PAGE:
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Slater is a special rookie

After three years of trying to find a position at UCLA, Matthew Slater found his niche' as one of the nation's top kick returners in 2007.


Matthew Slater at Rookie Mini Camp. Photo by David Silverman.

In his four years at UCLA, Matthew Slater did just about everything but play trombone in the Bruins marching band.

Wide receiver. Cornerback. Safety. Gunner. Kick returner. If the Patriots are looking for a player with versatility, they found one in Slater.

The son of NFL Hall of Fame offensive lineman Jackie Slater, Matthew has been around football since the day he was born. And it's his father's work ethic and respect for the game that Slater took with him to UCLA and now, the NFL.

"The thing that sticks out most in me is the way he worked," Slater said when talking about his father. "It wasn't necessarily the games. The games were great and you get to see that and everybody sees that on Sunday, but I saw the things about my dad that people didn't see: the blood, sweat and tears that he put into this game and how he prepared and the respect that he gave to the game of football. I think that's something he has passed on to me."

Those traits would serve Slater well early on in his career at UCLA, a career that was marked with setbacks from the day he stepped on campus.

The Bruins had high hopes for Slater as a receiver in 2003 but a turf toe injury caused him to redshirt and miss his entire freshman year. In 2005, Slater sustained a stress reaction in his left leg, forcing him to miss the early part of the season.

Then during his junior year, with the Bruins needing depth at defensive back, Slater moved to cornerback. And while he played in all 13 games as a junior, Slater was limited by a shoulder injury. Things got so frustrating that Slater briefly considered giving up football to run track.

Slater reconsidered leaving the football team and that proved to be a wise choice because everything would change heading into his senior season. Slater had been moved to safety – his third position change in four years – but with standouts Dennis Keyes and Chris Horton already ahead of him on the depth chart, Slater thought of another way to get on the field and contribute.

After making his mark on special teams as a gunner in 2006, Slater approached then-UCLA special teams coach Gary DeLoach with the idea of becoming a kick returner. It wound up being the best idea Slater ever had.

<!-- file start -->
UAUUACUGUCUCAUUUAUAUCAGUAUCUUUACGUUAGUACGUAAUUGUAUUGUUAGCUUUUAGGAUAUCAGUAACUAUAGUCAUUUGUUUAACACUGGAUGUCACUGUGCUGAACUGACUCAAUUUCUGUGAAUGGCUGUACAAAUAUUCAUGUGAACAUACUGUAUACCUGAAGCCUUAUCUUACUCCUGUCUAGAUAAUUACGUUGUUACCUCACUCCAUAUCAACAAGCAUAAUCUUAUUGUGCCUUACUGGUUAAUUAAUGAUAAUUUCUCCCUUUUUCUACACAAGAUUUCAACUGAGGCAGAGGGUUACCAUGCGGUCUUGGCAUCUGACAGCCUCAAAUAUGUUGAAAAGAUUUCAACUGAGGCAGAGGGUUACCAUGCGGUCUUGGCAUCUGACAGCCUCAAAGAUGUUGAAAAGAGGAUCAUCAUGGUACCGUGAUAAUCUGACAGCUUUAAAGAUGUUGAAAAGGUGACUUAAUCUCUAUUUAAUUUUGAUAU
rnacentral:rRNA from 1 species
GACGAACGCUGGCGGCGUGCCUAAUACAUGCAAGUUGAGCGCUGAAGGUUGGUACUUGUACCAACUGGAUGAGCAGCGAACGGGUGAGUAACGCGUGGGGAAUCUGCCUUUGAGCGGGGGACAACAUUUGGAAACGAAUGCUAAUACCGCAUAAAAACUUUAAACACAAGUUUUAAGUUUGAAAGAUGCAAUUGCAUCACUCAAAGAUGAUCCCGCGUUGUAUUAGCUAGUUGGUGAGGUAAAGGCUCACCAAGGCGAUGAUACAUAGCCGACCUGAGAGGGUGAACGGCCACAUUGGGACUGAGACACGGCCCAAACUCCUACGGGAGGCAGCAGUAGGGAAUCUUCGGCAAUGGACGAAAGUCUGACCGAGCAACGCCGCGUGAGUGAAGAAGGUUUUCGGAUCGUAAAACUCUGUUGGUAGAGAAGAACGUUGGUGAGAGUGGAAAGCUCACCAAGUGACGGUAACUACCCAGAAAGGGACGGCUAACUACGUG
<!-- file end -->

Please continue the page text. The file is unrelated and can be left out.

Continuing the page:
In 2007, he averaged 29.0 yards on 34 kickoff returns, finishing first in the Pac10 and 12th nationally. He also returned three kickoffs for touchdowns, which tied him for tops in the country. After three years of playing musical chairs with positions, Slater finally found a home.

It's no secret to Slater that he'll need to make his mark on special teams in the NFL as well. He's listed as a receiver but right now it appears that Slater is primarily going to be a kick returner and gunner for the Patriots. And unlike a lot of players who get drafted, Slater has no problem doing the dirty work on special teams because it's something he got used to at UCLA.

"I know that's something I have experience in and something that I love to do and I'm not sure if everybody feels that same way when it comes to special teams," Slater said. "I know that that's something I'm looking forward to contributing at and luckily I have been around there and I'm looking forward to continuing it in New England. For me, I'm willing to do whatever coach Belichick and his staff and the organization want me to do. I'm just excited to have an opportunity to keep playing football."

To read this entire story, check out this month's edition of Patriots Football Weekly, available on newsstands now.

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